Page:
They say you can’t teach an old dog a new trick. I say you can if you do it the right way and really learn how to train dogs without treats. Whether you have a mature dog or a young puppy, applying the proper training method will provide you with both a great relationship and a happy life for many years.
Before you start your training, the first thing you may think about is using TREATS. Right?
You may say to yourself – I must get treats to be able to train my dog. Because there is no way that the training will work without it, my dog will not be able to focus on me. I have seen this done before. I have been told this is the way to go. Everybody does it!
I am here to tell you, this is not the right approach to training your dog. It is not true that treats are an effective way to train your dog, or that they are necessary for your dog to be able to focus on you. As a matter of fact, it has the opposite effect.
Many aspects of our lives have fundamentally changed, such as society, technology, medicine, and the educational system. But common dog training methods seem to be stuck in the past. We are still applying the few basic training methods that have been used for hundreds of years.
The science around dog training has not been updated or improved, instead, we keep recycling the same outdated ideas repeatedly, despite the fact that we are getting the same results, or worse! Some of these outdated methods include the use of treats, domination, aversive tools like shock collars, or the application of force. And all of them with the objective of teaching or training dogs.
The fact is, we don’t educate ourselves enough about dog psychology, instead we invest in treats, tools, or physical and mental force. In my opinion, the reason that millions of dogs sitting in shelters all over the world are because we still depend on these outdated and cruel methods. We continue to hope to get results and when we fail, we give up on the dogs and surrender them to the shelters. This false hope results in shelters working beyond their maximum capacity, and unfortunately, in some countries, the dogs often pay the ultimate price, euthanasia.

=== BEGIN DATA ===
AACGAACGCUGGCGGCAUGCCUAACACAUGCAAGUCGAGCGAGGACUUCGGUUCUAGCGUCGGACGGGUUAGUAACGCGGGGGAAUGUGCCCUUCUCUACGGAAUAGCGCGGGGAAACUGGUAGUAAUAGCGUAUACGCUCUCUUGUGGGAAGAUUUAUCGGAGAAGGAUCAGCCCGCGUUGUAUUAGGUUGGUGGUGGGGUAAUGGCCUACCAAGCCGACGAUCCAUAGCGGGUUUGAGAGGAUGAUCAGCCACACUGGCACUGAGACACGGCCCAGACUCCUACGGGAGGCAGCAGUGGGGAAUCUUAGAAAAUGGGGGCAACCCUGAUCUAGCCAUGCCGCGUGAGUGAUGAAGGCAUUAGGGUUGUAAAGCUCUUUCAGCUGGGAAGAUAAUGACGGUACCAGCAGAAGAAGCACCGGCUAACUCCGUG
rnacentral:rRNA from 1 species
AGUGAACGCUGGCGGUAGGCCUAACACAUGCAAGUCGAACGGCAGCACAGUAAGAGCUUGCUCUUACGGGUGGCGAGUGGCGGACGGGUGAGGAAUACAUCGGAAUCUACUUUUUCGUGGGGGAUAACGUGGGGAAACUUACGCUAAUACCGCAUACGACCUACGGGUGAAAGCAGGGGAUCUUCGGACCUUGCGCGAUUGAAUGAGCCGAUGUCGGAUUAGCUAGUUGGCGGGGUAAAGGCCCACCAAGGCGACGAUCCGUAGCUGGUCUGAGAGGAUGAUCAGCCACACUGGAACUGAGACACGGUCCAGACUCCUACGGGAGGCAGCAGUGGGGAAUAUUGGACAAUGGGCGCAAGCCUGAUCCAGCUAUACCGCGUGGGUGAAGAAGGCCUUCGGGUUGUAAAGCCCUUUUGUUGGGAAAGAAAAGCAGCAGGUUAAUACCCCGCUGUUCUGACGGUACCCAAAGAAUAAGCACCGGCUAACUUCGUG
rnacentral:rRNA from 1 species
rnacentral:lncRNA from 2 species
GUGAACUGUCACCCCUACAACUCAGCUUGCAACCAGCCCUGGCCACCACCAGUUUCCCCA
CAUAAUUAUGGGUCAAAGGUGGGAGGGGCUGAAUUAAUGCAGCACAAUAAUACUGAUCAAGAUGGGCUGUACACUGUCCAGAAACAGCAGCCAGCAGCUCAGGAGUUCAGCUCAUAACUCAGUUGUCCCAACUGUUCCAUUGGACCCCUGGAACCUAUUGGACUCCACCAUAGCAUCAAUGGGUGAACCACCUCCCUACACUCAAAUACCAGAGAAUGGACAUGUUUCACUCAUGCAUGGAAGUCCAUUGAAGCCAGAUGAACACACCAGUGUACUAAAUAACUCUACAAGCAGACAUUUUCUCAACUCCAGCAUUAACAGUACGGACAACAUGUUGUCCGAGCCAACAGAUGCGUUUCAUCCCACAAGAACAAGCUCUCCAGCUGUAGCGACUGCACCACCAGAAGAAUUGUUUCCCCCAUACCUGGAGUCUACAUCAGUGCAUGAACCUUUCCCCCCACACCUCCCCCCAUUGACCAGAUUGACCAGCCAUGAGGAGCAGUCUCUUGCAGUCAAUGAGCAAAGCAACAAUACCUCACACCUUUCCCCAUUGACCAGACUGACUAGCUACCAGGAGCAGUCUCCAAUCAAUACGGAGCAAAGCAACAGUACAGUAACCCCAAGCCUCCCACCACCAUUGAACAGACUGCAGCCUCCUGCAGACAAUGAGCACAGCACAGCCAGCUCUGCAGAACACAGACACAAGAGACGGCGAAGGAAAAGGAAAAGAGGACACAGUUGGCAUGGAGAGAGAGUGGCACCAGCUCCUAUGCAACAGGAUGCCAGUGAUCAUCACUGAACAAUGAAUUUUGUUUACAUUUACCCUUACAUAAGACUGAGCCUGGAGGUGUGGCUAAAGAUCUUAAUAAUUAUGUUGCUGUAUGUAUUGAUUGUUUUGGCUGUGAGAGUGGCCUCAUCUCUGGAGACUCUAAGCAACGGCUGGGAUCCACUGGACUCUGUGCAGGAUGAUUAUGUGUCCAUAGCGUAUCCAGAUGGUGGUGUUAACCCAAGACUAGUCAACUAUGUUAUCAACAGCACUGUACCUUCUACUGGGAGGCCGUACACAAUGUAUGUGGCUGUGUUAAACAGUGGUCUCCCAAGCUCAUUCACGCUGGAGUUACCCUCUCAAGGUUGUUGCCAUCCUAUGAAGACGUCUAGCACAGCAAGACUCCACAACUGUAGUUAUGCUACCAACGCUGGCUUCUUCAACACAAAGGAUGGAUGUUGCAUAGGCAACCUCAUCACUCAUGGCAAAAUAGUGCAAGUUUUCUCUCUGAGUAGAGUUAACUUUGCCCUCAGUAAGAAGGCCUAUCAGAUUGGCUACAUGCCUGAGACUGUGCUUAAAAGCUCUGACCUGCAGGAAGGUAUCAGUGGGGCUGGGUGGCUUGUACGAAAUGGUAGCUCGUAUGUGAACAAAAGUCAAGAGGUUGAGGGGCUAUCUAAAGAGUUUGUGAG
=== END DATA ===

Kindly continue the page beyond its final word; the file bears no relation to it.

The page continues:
Let’s take a look at the basic food instincts of our dogs.
Dogs are desperate to make a connection with us! But because we don’t understand their needs, we distract them or disconnect from them by using treats or tools that have no meaning for dogs, so can’t make the connection with us.
Food and treats are powerful drivers in your dog’s life. They are the major player in basic survival instincts. But dogs don’t affiliate them with learning something new or connecting with humans. Food and more importantly treats have their time and place. But when used inadequately, your dog’s instinct is to focus on the treat rather than the task, or on what the real value is – YOU.
If you want to connect with your dog, you need to make a personal, deep connection first without having anything in between that could distract or bother you and your dog. Especially if you consider your dog a family member.
Many people and even professionals will tell you that dogs are motivated by treats and food. But there are two types of dogs; the ones who love food and those who don’t care about food. In general, if a piece of food is in front of any dog, he may end up doing anything, depending on how hungry he is. This is a normal and natural, basic survival response from a dog.
The common idea that a dog is motivated by food is only true because he may love food. That’s all. That does not mean that he is responding to the task asked of him, or that he understands the exercise that you offer. He is responding to the temptation. If a dog is a food lover and you tease him with food constantly, you get the reverse effect because you are stressing him out and it is agitating him. He is not focused on the task given but on the food. I go as far as to say that this is cruel to the dog.